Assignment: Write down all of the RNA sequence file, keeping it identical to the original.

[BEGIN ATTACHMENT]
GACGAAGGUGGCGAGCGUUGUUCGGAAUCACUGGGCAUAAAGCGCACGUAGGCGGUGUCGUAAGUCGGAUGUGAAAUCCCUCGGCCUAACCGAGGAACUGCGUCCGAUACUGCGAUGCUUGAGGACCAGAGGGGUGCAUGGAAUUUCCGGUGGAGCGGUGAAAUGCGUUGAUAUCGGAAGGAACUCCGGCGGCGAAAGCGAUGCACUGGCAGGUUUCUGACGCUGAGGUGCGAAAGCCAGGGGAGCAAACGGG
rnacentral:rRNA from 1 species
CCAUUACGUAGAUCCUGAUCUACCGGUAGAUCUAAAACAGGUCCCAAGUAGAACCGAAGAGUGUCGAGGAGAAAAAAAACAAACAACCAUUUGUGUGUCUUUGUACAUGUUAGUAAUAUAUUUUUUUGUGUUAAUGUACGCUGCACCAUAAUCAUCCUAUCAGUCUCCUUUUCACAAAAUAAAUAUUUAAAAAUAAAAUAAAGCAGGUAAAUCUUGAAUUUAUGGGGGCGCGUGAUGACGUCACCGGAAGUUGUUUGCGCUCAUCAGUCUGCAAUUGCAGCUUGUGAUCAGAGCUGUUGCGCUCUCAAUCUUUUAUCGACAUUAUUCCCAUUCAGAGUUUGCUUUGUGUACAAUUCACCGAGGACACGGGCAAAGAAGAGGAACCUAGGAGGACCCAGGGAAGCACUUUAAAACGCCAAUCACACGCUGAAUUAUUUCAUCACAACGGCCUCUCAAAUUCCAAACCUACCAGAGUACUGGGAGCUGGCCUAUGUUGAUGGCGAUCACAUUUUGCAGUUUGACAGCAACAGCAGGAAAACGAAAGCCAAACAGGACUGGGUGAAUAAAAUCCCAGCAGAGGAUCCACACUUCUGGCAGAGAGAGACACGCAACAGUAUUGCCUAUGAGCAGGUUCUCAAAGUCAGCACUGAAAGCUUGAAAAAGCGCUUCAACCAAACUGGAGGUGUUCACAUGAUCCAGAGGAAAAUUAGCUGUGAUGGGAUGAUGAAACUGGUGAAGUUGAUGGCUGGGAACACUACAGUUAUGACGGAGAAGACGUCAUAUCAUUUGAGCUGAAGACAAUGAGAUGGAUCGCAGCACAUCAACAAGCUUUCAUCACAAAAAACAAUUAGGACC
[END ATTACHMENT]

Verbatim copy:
GACGAAGGUGGCGAGCGUUGUUCGGAAUCACUGGGCAUAAAGCGCACGUAGGCGGUGUCGUAAGUCGGAUGUGAAAUCCCUCGGCCUAACCGAGGAACUGCGUCCGAUACUGCGAUGCUUGAGGACCAGAGGGGUGCAUGGAAUUUCCGGUGGAGCGGUGAAAUGCGUUGAUAUCGGAAGGAACUCCGGCGGCGAAAGCGAUGCACUGGCAGGUUUCUGACGCUGAGGUGCGAAAGCCAGGGGAGCAAACGGG
rnacentral:rRNA from 1 species
CCAUUACGUAGAUCCUGAUCUACCGGUAGAUCUAAAACAGGUCCCAAGUAGAACCGAAGAGUGUCGAGGAGAAAAAAAACAAACAACCAUUUGUGUGUCUUUGUACAUGUUAGUAAUAUAUUUUUUUGUGUUAAUGUACGCUGCACCAUAAUCAUCCUAUCAGUCUCCUUUUCACAAAAUAAAUAUUUAAAAAUAAAAUAAAGCAGGUAAAUCUUGAAUUUAUGGGGGCGCGUGAUGACGUCACCGGAAGUUGUUUGCGCUCAUCAGUCUGCAAUUGCAGCUUGUGAUCAGAGCUGUUGCGCUCUCAAUCUUUUAUCGACAUUAUUCCCAUUCAGAGUUUGCUUUGUGUACAAUUCACCGAGGACACGGGCAAAGAAGAGGAACCUAGGAGGACCCAGGGAAGCACUUUAAAACGCCAAUCACACGCUGAAUUAUUUCAUCACAACGGCCUCUCAAAUUCCAAACCUACCAGAGUACUGGGAGCUGGCCUAUGUUGAUGGCGAUCACAUUUUGCAGUUUGACAGCAACAGCAGGAAAACGAAAGCCAAACAGGACUGGGUGAAUAAAAUCCCAGCAGAGGAUCCACACUUCUGGCAGAGAGAGACACGCAACAGUAUUGCCUAUGAGCAGGUUCUCAAAGUCAGCACUGAAAGCUUGAAAAAGCGCUUCAACCAAACUGGAGGUGUUCACAUGAUCCAGAGGAAAAUUAGCUGUGAUGGGAUGAUGAAACUGGUGAAGUUGAUGGCUGGGAACACUACAGUUAUGACGGAGAAGACGUCAUAUCAUUUGAGCUGAAGACAAUGAGAUGGAUCGCAGCACAUCAACAAGCUUUCAUCACAAAAAACAAUUAGGACC